When your stomach starts feeling a little queasy, the first thing you might do is reach for your smartphone or laptop and start punching your symptoms into WebMD. But a new study by a CALS alumus suggests these online symptom checkers are often inaccurate when compared with a physician’s diagnosis.
At a national gastroenterology conference in May, Andrew Berry (BS’10) presented the findings of a study conducted alongside his peers. The group wanted to compare how online symptom checkers stack up against in-person visits to a healthcare provider. Past studies have investigated similar links, but didn’t use real-life encounters between patients and doctors.
The most prominent finding suggested that symptom checkers are not as reliable as physicians when it comes to diagnosing symptoms. For example, when patients entered in symptoms of abdominal pain, the symptom checker failed to return the same diagnosis as the physician’s top three diagnosis 82 percent of the time.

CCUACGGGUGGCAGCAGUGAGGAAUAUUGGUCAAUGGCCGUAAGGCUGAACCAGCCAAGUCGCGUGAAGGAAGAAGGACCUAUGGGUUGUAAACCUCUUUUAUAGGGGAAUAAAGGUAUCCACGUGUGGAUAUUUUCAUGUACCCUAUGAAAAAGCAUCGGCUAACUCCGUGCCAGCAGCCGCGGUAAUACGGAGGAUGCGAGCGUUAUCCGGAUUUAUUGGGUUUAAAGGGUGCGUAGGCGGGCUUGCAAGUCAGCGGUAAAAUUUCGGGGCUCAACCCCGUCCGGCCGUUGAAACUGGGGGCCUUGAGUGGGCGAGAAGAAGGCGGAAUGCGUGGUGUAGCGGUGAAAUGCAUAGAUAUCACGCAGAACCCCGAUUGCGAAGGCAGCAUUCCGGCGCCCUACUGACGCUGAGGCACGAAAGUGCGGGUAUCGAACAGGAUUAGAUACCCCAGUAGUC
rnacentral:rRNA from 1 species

These findings might prompt changes among the developers of this software.
“As symptom checker apps are a large industry, these results may force these companies to improve their diagnostic algorithms,” says Berry.
The study also found that symptom checkers might be overly cautious and list diagnoses that require a more severe response than physicians. This often leads patients to visit a higher triage venue for their health issues.
Berry doesn’t dismiss symptom checkers; in fact, he thinks they indicate patients are being proactive with their health and are aware of issues. But he stresses a healthy balance between technology and face-to-face interaction.
“We want patients using mobile device technology, we just caution the use of symptom checkers driving patients to different treatment venues and down different diagnostic algorithms.”
Now, Berry believes Congress should have a hand in regulating these apps.
“Our data, along with future studies, must be part of this objective evaluation.”